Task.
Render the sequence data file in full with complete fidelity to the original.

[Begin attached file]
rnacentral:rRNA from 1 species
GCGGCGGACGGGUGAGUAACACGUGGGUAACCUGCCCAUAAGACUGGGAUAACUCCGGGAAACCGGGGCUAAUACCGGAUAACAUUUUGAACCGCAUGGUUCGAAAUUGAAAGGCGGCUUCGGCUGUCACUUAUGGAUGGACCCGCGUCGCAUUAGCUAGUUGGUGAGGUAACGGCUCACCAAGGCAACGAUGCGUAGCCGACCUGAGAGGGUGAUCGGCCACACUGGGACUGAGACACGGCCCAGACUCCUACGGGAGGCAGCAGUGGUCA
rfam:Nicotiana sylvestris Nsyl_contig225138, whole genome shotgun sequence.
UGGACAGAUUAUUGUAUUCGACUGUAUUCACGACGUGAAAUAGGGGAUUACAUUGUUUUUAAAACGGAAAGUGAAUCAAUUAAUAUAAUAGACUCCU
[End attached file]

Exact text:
rnacentral:rRNA from 1 species
GCGGCGGACGGGUGAGUAACACGUGGGUAACCUGCCCAUAAGACUGGGAUAACUCCGGGAAACCGGGGCUAAUACCGGAUAACAUUUUGAACCGCAUGGUUCGAAAUUGAAAGGCGGCUUCGGCUGUCACUUAUGGAUGGACCCGCGUCGCAUUAGCUAGUUGGUGAGGUAACGGCUCACCAAGGCAACGAUGCGUAGCCGACCUGAGAGGGUGAUCGGCCACACUGGGACUGAGACACGGCCCAGACUCCUACGGGAGGCAGCAGUGGUCA
rfam:Nicotiana sylvestris Nsyl_contig225138, whole genome shotgun sequence.
UGGACAGAUUAUUGUAUUCGACUGUAUUCACGACGUGAAAUAGGGGAUUACAUUGUUUUUAAAACGGAAAGUGAAUCAAUUAAUAUAAUAGACUCCU